Maren Laughlin, Ph.D.
Responsibilities & Activities
As the program director for integrative metabolism, I am responsible for managing a research portfolio focused on life-sustaining chemical transformations within cells. Grants under this portfolio examine intermediary metabolism and physiology at the whole-body, organ, and cellular levels—particularly as they pertain to energy metabolism in diabetes, obesity, and chronic metabolic disease. I serve as director for the Metabolism, Energy Balance, and Obesity program and manage a portfolio of studies that aim to understand insulin and leptin resistance, glycogen metabolism and glucose disposal, protein turnover rate and regulation, cellular and whole-body lipid fluxes, the interaction between carbohydrate and lipid metabolism, metabolism and inter-organ signaling roles of specific lipids, exercise, measurement and regulation of thermogenesis, and other processes.
I manage a portfolio of grants that employ in vivo functional and molecular imaging or spectroscopic techniques to visualize various aspects of diabetes and obesity, endocrinology, metabolism, and metabolic diseases. The program includes studies that focus on imaging pancreatic beta cell mass, perfusion, angiogenesis, inflammation, and function; peripheral vascular or nerve function in diabetes; inflammation in fat, skeletal muscle, and liver in obesity; mass and function of human brown adipose tissue; and indices of insulin resistance. I also serve as project scientist for the Mouse Metabolic Phenotyping Centers, which offer a range of tests that elucidate subtle to complex traits that characterize models of metabolic disease on a fee-for-service basis.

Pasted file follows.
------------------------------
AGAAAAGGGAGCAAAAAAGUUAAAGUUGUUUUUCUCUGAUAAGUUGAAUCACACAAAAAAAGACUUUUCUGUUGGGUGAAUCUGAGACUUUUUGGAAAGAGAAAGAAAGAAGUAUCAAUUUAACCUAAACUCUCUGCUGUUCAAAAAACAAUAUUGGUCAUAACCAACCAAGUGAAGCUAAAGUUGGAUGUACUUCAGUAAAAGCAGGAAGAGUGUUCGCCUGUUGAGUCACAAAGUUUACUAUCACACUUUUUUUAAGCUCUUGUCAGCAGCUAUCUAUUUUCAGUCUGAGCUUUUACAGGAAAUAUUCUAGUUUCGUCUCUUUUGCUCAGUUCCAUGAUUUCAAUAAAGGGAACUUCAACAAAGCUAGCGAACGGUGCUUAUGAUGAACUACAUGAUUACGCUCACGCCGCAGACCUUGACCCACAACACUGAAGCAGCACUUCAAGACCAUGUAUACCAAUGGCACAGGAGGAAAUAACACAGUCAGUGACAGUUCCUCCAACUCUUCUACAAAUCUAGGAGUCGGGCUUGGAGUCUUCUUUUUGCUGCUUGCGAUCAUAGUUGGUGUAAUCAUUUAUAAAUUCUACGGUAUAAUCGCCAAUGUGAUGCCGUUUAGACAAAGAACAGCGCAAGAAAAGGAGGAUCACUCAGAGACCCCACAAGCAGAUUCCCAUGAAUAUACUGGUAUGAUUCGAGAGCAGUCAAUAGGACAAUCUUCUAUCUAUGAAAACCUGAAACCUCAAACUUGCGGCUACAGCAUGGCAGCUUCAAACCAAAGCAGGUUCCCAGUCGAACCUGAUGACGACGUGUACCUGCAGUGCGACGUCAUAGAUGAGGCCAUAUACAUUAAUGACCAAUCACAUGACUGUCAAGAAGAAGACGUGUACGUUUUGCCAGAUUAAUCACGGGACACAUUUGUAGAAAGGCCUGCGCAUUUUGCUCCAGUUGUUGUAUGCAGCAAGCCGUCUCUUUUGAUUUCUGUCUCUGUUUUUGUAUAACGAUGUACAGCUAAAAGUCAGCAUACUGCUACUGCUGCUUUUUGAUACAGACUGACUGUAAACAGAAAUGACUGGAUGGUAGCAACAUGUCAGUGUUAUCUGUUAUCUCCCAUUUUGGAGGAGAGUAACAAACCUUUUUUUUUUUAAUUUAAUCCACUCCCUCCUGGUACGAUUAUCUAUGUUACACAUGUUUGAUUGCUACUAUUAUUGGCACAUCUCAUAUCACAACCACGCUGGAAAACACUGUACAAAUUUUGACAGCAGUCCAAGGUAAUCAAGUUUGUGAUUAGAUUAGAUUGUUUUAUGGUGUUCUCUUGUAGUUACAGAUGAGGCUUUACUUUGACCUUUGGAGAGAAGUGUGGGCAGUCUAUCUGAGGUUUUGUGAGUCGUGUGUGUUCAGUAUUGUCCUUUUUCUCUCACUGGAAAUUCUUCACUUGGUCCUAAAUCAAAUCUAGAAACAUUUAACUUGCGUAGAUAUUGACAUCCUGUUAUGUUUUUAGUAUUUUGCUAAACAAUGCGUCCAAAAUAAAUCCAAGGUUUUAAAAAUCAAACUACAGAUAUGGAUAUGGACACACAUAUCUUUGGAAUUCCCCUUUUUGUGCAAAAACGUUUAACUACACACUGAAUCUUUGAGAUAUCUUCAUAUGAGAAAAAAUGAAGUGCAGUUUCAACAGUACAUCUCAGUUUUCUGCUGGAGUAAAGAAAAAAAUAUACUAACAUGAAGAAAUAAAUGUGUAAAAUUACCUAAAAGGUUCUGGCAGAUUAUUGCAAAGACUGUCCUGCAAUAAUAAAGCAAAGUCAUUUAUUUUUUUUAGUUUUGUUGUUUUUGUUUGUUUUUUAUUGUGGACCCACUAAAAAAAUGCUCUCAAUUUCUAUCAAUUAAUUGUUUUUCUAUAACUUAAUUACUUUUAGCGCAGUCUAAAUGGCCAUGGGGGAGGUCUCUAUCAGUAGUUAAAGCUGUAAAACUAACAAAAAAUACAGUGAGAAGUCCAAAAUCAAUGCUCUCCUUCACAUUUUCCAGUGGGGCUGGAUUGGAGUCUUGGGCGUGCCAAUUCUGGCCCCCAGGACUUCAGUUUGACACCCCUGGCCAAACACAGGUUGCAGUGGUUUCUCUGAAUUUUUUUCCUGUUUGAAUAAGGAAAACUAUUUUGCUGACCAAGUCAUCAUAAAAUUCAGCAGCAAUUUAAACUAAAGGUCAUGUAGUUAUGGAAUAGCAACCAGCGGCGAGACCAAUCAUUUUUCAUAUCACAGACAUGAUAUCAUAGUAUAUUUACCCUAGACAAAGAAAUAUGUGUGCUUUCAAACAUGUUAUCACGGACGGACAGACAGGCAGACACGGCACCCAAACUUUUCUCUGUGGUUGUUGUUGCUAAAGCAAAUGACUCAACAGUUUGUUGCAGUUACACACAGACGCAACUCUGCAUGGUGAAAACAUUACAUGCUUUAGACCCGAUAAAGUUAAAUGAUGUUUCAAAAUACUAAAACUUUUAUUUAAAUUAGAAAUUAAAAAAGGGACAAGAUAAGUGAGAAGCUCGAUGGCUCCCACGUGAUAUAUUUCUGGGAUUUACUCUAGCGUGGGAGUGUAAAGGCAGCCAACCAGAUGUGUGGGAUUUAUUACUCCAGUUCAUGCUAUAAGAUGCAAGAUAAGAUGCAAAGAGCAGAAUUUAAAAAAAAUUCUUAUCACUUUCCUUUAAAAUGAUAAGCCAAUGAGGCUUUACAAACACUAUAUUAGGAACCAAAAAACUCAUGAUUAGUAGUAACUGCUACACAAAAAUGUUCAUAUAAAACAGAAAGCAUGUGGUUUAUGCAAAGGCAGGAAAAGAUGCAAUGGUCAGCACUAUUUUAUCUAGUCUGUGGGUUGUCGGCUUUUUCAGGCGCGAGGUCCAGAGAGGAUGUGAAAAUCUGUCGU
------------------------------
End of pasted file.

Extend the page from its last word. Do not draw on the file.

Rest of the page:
Along with colleagues from NIAMS, NIA and NIBIB, I coordinate the Common Fund sponsored “Molecular Transducers of Physical Activity in Human” (MoTrPAC) commonfund.nih.gov/MolecularTransducers. This is a multi-Center clinical study aimed at developing a molecular map of the molecules altered by physical activity in humans and thereby involved in the processes by which exercises improves health.
Bioengineering, Biotechnology, and Imaging as applied to Diabetes, Metabolic, and Endocrine Diseases
Cutting-edge technologies that elucidate the mechanisms underlying endocrine and metabolic diseases, including diabetes.
Studies on the pathways that are involved in intermediary metabolism as they impact endocrine and metabolic diseases.
Metabolism, Energy Balance & Obesity
Basic and clinical studies related to energy balance and physiological mechanisms modulating weight gain, loss and maintenance.
Assistant Professor, The George Washington University Medical Center, 1994-1998
Senior Staff Fellow, Laboratory of Cardiac Energetics, NHLBI, NIH, 1989-1994
Postdoctoral Fellow, Weizmann Institute, Rehovot, Israel, 1988
Ph.D., Yale University, 1988